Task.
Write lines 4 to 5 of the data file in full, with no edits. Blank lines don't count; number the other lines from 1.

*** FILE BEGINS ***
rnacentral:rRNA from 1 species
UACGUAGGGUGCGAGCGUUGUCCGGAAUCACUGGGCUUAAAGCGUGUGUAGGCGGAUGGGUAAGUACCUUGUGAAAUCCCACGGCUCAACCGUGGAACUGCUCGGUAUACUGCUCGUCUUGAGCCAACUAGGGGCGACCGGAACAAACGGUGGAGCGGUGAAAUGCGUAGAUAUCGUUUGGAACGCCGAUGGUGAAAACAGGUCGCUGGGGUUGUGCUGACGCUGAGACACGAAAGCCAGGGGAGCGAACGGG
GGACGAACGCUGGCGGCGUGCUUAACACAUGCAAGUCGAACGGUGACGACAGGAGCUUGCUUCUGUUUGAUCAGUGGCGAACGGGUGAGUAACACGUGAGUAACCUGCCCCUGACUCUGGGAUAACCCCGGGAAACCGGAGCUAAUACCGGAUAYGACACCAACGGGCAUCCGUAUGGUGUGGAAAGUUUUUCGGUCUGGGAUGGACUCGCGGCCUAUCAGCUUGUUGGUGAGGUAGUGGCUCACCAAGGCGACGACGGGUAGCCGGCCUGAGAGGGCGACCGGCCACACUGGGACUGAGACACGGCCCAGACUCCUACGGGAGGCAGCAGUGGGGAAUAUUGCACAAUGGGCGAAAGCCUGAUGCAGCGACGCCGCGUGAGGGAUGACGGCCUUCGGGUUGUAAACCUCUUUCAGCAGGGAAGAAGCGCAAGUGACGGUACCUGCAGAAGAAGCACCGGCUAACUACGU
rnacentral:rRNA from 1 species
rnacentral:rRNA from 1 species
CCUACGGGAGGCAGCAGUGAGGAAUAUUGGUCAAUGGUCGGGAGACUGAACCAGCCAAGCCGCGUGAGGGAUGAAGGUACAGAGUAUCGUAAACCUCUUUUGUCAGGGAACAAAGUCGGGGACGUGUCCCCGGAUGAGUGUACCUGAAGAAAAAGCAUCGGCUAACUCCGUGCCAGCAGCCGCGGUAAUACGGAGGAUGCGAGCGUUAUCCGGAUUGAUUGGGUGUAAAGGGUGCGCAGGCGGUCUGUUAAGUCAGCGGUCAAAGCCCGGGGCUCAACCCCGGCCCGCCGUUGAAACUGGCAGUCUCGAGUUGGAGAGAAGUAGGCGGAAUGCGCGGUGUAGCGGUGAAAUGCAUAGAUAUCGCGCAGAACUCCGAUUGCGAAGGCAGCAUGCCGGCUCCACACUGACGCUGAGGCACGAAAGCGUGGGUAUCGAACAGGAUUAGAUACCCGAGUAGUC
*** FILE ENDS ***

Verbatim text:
rnacentral:rRNA from 1 species
rnacentral:rRNA from 1 species